Photochemical internalization: a new tool for drug delivery

Curr Pharm Biotechnol. 2007 Dec;8(6):362-72. doi: 10.2174/138920107783018354.


The utilisation of macromolecules in the therapy of cancer and other diseases is becoming increasingly important. Recent advances in molecular biology and biotechnology have made it possible to improve targeting and design of cytotoxic agents, DNA complexes and other macromolecules for clinical applications. In many cases the targets of macromolecular therapeutics are intracellular. However, degradation of macromolecules in endocytic vesicles after uptake by endocytosis is a major intracellular barrier for the therapeutic application of macromolecules having intracellular targets of action. Photochemical internalisation (PCI) is a novel technology for the release of endocytosed macromolecules into the cytosol. The technology is based on the activation by light of photosensitizers located in endocytic vesicles to induce the release of macromolecules from the endocytic vesicles. Thereby, endocytosed molecules can be released to reach their target of action before being degraded in lysosomes. PCI has been shown to stimulate intracellular delivery of a large variety of macromolecules and other molecules that do not readily penetrate the plasma membrane, including type I ribosome-inactivating proteins (RIPs), DNA delivered as gene-encoding plasmids or by means of adenovirus or adeno-associated virus, peptide nucleic acids (PNAs) and chemotherapeutic agents such as bleomycin and in some cases doxorubicin. PCI of PNA may be of particular importance due to the low therapeutic efficacy of PNA in the absence of an efficient delivery technology and the 10-100-fold increased efficacy in combination with PCI. The efficacy and specificity of PCI of macromolecular therapeutics has been improved by combining the macromolecules with targeting moieties, such as the epidermal growth factor. In general, PCI can induce efficient light-directed delivery of macromolecules into the cytosol, indicating that it may have a variety of useful applications for site-specific drug delivery as for example in gene therapy, vaccination and cancer treatment.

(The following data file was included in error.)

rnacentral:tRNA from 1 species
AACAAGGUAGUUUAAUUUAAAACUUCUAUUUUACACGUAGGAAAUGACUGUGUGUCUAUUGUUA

Publication types

  • Research Support, Non-U.S. Gov't
  • Review

MeSH terms

  • Animals
  • Drug Delivery Systems / methods*
  • Endocytosis
  • Genetic Therapy / methods
  • Humans
  • Light
  • Macromolecular Substances* / administration & dosage
  • Macromolecular Substances* / chemistry
  • Molecular Structure
  • Pharmaceutical Preparations* / administration & dosage
  • Pharmaceutical Preparations* / chemistry
  • Photochemistry
  • Photosensitizing Agents* / administration & dosage
  • Photosensitizing Agents* / chemistry
  • Transport Vesicles / metabolism


  • Macromolecular Substances
  • Pharmaceutical Preparations
  • Photosensitizing Agents